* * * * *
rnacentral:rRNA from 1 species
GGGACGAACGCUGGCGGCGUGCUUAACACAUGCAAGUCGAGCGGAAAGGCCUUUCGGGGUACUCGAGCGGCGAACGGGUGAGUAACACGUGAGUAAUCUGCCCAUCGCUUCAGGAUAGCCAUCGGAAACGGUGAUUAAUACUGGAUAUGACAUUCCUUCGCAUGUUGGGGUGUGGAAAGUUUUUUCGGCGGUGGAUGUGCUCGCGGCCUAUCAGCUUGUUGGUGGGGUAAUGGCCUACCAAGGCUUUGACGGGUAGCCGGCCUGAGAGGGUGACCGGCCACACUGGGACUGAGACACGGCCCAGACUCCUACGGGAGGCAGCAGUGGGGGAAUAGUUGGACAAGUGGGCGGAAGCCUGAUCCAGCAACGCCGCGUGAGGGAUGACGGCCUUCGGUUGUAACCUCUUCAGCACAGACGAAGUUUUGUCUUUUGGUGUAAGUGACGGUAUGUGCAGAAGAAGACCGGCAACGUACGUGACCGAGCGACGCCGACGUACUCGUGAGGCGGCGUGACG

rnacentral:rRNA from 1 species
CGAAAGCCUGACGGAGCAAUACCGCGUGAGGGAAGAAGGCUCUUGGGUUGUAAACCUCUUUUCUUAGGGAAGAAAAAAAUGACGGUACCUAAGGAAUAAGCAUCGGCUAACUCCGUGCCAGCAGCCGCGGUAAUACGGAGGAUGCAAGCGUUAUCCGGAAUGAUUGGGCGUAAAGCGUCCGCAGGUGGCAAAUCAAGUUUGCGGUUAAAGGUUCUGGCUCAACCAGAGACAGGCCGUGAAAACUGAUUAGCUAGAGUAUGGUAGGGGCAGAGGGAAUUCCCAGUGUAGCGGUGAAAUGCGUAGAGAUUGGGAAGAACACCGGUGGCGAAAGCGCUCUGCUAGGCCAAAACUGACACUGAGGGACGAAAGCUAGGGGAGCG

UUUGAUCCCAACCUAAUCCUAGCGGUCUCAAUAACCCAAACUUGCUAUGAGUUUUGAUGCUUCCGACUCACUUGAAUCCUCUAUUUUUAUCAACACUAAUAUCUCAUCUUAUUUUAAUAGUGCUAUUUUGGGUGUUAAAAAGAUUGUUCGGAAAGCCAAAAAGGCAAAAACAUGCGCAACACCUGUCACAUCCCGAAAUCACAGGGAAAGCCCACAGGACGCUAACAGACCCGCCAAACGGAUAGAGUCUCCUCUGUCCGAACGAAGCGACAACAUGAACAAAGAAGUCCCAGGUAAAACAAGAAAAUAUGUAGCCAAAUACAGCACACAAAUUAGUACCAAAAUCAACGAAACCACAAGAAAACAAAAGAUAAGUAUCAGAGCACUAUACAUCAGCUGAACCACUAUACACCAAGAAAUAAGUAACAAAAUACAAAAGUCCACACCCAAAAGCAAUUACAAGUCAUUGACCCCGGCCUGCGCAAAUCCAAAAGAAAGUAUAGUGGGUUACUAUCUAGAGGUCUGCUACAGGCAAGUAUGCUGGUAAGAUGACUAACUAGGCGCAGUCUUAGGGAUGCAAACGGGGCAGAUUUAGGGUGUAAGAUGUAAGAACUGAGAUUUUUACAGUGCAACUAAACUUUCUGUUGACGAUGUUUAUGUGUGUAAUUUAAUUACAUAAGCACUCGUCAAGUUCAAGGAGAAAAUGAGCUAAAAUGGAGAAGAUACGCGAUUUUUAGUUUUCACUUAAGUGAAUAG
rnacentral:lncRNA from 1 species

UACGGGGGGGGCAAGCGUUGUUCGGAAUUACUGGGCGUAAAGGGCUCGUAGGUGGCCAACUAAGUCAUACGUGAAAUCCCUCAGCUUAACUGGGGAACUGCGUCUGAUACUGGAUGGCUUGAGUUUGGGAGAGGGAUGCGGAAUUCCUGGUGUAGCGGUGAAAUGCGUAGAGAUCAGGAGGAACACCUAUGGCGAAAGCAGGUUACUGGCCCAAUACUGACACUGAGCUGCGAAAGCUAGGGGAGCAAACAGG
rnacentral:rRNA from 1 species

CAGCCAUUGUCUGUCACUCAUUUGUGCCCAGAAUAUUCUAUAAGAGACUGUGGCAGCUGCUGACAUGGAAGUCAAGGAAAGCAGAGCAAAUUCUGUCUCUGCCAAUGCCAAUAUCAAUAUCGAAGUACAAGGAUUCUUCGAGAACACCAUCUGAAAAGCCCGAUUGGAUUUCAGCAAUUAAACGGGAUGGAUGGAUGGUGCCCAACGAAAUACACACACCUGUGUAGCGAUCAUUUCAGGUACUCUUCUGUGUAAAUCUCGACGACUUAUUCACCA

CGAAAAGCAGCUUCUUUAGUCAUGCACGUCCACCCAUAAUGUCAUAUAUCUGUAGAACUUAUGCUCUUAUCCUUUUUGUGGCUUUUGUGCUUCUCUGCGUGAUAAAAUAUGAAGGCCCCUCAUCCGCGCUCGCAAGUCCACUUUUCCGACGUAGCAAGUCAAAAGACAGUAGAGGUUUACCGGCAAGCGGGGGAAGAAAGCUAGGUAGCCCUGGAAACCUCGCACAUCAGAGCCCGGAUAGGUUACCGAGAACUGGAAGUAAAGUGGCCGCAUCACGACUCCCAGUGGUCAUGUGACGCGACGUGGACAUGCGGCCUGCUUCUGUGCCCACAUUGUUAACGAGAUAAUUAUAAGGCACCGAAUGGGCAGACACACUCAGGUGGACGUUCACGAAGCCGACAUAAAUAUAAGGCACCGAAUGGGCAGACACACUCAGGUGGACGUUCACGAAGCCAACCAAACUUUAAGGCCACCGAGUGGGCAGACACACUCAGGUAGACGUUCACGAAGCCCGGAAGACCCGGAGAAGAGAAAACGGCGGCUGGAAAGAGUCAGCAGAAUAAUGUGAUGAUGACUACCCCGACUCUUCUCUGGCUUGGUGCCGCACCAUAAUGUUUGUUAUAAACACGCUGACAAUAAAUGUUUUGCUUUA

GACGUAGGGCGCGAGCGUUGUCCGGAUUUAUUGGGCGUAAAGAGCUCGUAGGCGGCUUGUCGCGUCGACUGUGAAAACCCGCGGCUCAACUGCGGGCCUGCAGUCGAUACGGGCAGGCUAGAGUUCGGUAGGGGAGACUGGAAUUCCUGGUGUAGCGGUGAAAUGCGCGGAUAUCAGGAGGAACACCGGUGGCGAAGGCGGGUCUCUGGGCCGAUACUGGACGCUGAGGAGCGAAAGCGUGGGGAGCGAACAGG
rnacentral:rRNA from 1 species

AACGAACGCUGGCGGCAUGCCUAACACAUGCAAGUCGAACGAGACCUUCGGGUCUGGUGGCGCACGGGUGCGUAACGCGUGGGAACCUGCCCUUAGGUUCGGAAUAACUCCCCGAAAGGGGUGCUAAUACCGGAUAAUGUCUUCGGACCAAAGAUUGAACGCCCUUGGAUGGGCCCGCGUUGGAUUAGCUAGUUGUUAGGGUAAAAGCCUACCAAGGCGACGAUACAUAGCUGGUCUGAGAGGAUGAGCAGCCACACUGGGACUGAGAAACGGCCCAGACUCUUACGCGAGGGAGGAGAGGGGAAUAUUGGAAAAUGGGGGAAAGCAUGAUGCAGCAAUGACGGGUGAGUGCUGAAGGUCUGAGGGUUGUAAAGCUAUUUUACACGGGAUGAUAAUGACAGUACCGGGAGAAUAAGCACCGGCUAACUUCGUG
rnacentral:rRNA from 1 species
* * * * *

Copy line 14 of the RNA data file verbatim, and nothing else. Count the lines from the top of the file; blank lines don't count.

rnacentral:rRNA from 1 species